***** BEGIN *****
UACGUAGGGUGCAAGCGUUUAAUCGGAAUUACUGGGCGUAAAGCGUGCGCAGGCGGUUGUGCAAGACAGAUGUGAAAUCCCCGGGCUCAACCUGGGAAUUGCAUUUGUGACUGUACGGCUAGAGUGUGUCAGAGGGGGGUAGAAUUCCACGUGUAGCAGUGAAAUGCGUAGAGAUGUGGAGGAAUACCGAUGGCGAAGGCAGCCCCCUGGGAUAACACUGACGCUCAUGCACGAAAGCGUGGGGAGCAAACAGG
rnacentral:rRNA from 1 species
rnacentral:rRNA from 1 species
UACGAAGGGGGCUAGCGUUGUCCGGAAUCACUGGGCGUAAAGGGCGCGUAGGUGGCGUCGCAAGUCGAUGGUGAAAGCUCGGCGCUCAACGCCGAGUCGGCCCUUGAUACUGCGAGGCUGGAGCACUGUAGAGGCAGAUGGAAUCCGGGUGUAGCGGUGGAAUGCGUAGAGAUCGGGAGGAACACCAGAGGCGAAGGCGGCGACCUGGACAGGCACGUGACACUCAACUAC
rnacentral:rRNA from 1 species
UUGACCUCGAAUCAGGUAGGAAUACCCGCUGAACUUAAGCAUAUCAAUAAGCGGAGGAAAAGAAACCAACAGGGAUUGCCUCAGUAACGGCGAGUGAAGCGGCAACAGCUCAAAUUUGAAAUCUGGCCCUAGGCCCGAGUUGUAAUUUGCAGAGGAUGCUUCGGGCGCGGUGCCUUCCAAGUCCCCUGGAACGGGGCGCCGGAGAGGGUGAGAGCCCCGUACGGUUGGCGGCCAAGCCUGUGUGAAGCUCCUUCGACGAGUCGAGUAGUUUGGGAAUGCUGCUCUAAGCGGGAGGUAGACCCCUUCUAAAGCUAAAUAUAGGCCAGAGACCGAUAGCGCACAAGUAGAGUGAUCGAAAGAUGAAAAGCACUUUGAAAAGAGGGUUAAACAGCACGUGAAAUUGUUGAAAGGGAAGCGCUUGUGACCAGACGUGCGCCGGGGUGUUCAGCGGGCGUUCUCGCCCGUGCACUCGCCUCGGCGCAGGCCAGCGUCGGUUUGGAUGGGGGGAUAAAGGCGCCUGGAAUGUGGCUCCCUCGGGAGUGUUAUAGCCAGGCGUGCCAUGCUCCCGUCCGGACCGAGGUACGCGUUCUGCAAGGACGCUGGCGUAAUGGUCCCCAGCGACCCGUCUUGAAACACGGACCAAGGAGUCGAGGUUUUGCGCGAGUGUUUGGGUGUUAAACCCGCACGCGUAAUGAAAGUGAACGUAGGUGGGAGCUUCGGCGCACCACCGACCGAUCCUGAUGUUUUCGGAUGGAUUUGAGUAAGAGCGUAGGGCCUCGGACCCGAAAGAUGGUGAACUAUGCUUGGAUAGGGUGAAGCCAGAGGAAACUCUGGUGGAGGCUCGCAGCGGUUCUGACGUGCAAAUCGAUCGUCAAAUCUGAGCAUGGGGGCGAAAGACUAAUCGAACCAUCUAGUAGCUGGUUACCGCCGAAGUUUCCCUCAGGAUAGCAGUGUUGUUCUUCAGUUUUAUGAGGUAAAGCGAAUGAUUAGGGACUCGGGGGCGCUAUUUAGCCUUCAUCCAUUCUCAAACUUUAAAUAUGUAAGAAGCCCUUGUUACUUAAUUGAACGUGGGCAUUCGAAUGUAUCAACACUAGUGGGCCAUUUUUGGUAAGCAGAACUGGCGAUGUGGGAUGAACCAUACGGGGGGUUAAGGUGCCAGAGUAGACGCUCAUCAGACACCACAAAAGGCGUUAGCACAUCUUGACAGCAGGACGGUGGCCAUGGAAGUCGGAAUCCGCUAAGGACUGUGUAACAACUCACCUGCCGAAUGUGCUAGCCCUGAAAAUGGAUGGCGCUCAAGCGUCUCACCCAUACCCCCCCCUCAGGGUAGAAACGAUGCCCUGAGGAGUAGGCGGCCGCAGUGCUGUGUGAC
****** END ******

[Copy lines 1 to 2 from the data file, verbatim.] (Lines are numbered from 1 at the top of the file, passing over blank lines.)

UACGUAGGGUGCAAGCGUUUAAUCGGAAUUACUGGGCGUAAAGCGUGCGCAGGCGGUUGUGCAAGACAGAUGUGAAAUCCCCGGGCUCAACCUGGGAAUUGCAUUUGUGACUGUACGGCUAGAGUGUGUCAGAGGGGGGUAGAAUUCCACGUGUAGCAGUGAAAUGCGUAGAGAUGUGGAGGAAUACCGAUGGCGAAGGCAGCCCCCUGGGAUAACACUGACGCUCAUGCACGAAAGCGUGGGGAGCAAACAGG
rnacentral:rRNA from 1 species